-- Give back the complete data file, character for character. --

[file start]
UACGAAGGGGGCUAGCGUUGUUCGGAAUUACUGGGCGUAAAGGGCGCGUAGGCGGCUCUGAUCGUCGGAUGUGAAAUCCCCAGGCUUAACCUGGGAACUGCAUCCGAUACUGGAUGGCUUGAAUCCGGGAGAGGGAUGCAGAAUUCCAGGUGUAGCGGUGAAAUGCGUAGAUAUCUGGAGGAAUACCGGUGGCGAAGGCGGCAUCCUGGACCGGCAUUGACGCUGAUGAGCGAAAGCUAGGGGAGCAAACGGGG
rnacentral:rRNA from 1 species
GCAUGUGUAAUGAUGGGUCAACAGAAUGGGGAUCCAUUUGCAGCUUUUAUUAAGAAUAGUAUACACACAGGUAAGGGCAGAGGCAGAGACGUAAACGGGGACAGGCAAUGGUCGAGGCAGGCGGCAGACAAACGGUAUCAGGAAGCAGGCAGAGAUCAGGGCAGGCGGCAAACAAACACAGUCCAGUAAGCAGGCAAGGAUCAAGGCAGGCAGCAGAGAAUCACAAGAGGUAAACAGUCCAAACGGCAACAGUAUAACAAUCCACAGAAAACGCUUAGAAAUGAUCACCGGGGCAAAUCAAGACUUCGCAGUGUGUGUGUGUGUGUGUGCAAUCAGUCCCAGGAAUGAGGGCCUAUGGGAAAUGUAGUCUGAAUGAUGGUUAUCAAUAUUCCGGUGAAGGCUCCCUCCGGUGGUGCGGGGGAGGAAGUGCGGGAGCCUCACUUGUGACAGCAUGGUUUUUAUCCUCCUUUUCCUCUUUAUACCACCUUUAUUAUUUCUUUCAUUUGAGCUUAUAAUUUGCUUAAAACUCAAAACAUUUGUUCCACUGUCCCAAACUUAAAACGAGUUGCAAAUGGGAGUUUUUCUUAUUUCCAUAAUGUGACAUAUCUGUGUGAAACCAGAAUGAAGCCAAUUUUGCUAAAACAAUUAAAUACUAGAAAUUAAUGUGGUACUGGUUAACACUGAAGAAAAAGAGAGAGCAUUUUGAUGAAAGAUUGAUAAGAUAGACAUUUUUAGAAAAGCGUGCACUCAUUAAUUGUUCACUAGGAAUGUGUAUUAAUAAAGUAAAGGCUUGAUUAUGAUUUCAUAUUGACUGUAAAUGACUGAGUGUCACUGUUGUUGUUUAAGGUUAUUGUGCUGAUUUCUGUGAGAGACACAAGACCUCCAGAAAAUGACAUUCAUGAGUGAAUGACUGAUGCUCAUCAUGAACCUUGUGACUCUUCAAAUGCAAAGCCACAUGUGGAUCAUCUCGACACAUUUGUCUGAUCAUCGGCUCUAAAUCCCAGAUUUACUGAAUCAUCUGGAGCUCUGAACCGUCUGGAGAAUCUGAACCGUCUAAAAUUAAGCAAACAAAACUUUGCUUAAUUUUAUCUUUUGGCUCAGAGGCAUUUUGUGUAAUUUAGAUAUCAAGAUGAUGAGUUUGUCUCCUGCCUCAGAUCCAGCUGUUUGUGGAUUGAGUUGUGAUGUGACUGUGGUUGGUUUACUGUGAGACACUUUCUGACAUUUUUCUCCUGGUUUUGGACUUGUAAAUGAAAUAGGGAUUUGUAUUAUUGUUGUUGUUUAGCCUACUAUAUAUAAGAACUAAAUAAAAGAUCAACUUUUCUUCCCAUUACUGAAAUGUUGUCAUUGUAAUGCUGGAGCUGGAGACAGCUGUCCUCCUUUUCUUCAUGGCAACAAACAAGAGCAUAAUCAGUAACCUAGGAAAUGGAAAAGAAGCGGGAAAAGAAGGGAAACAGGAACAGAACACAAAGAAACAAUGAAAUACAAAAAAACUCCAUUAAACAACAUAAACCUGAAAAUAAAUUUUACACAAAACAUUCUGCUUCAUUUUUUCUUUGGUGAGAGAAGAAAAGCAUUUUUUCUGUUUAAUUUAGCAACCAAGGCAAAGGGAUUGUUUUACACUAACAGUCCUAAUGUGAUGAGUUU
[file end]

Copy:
UACGAAGGGGGCUAGCGUUGUUCGGAAUUACUGGGCGUAAAGGGCGCGUAGGCGGCUCUGAUCGUCGGAUGUGAAAUCCCCAGGCUUAACCUGGGAACUGCAUCCGAUACUGGAUGGCUUGAAUCCGGGAGAGGGAUGCAGAAUUCCAGGUGUAGCGGUGAAAUGCGUAGAUAUCUGGAGGAAUACCGGUGGCGAAGGCGGCAUCCUGGACCGGCAUUGACGCUGAUGAGCGAAAGCUAGGGGAGCAAACGGGG
rnacentral:rRNA from 1 species
GCAUGUGUAAUGAUGGGUCAACAGAAUGGGGAUCCAUUUGCAGCUUUUAUUAAGAAUAGUAUACACACAGGUAAGGGCAGAGGCAGAGACGUAAACGGGGACAGGCAAUGGUCGAGGCAGGCGGCAGACAAACGGUAUCAGGAAGCAGGCAGAGAUCAGGGCAGGCGGCAAACAAACACAGUCCAGUAAGCAGGCAAGGAUCAAGGCAGGCAGCAGAGAAUCACAAGAGGUAAACAGUCCAAACGGCAACAGUAUAACAAUCCACAGAAAACGCUUAGAAAUGAUCACCGGGGCAAAUCAAGACUUCGCAGUGUGUGUGUGUGUGUGUGCAAUCAGUCCCAGGAAUGAGGGCCUAUGGGAAAUGUAGUCUGAAUGAUGGUUAUCAAUAUUCCGGUGAAGGCUCCCUCCGGUGGUGCGGGGGAGGAAGUGCGGGAGCCUCACUUGUGACAGCAUGGUUUUUAUCCUCCUUUUCCUCUUUAUACCACCUUUAUUAUUUCUUUCAUUUGAGCUUAUAAUUUGCUUAAAACUCAAAACAUUUGUUCCACUGUCCCAAACUUAAAACGAGUUGCAAAUGGGAGUUUUUCUUAUUUCCAUAAUGUGACAUAUCUGUGUGAAACCAGAAUGAAGCCAAUUUUGCUAAAACAAUUAAAUACUAGAAAUUAAUGUGGUACUGGUUAACACUGAAGAAAAAGAGAGAGCAUUUUGAUGAAAGAUUGAUAAGAUAGACAUUUUUAGAAAAGCGUGCACUCAUUAAUUGUUCACUAGGAAUGUGUAUUAAUAAAGUAAAGGCUUGAUUAUGAUUUCAUAUUGACUGUAAAUGACUGAGUGUCACUGUUGUUGUUUAAGGUUAUUGUGCUGAUUUCUGUGAGAGACACAAGACCUCCAGAAAAUGACAUUCAUGAGUGAAUGACUGAUGCUCAUCAUGAACCUUGUGACUCUUCAAAUGCAAAGCCACAUGUGGAUCAUCUCGACACAUUUGUCUGAUCAUCGGCUCUAAAUCCCAGAUUUACUGAAUCAUCUGGAGCUCUGAACCGUCUGGAGAAUCUGAACCGUCUAAAAUUAAGCAAACAAAACUUUGCUUAAUUUUAUCUUUUGGCUCAGAGGCAUUUUGUGUAAUUUAGAUAUCAAGAUGAUGAGUUUGUCUCCUGCCUCAGAUCCAGCUGUUUGUGGAUUGAGUUGUGAUGUGACUGUGGUUGGUUUACUGUGAGACACUUUCUGACAUUUUUCUCCUGGUUUUGGACUUGUAAAUGAAAUAGGGAUUUGUAUUAUUGUUGUUGUUUAGCCUACUAUAUAUAAGAACUAAAUAAAAGAUCAACUUUUCUUCCCAUUACUGAAAUGUUGUCAUUGUAAUGCUGGAGCUGGAGACAGCUGUCCUCCUUUUCUUCAUGGCAACAAACAAGAGCAUAAUCAGUAACCUAGGAAAUGGAAAAGAAGCGGGAAAAGAAGGGAAACAGGAACAGAACACAAAGAAACAAUGAAAUACAAAAAAACUCCAUUAAACAACAUAAACCUGAAAAUAAAUUUUACACAAAACAUUCUGCUUCAUUUUUUCUUUGGUGAGAGAAGAAAAGCAUUUUUUCUGUUUAAUUUAGCAACCAAGGCAAAGGGAUUGUUUUACACUAACAGUCCUAAUGUGAUGAGUUU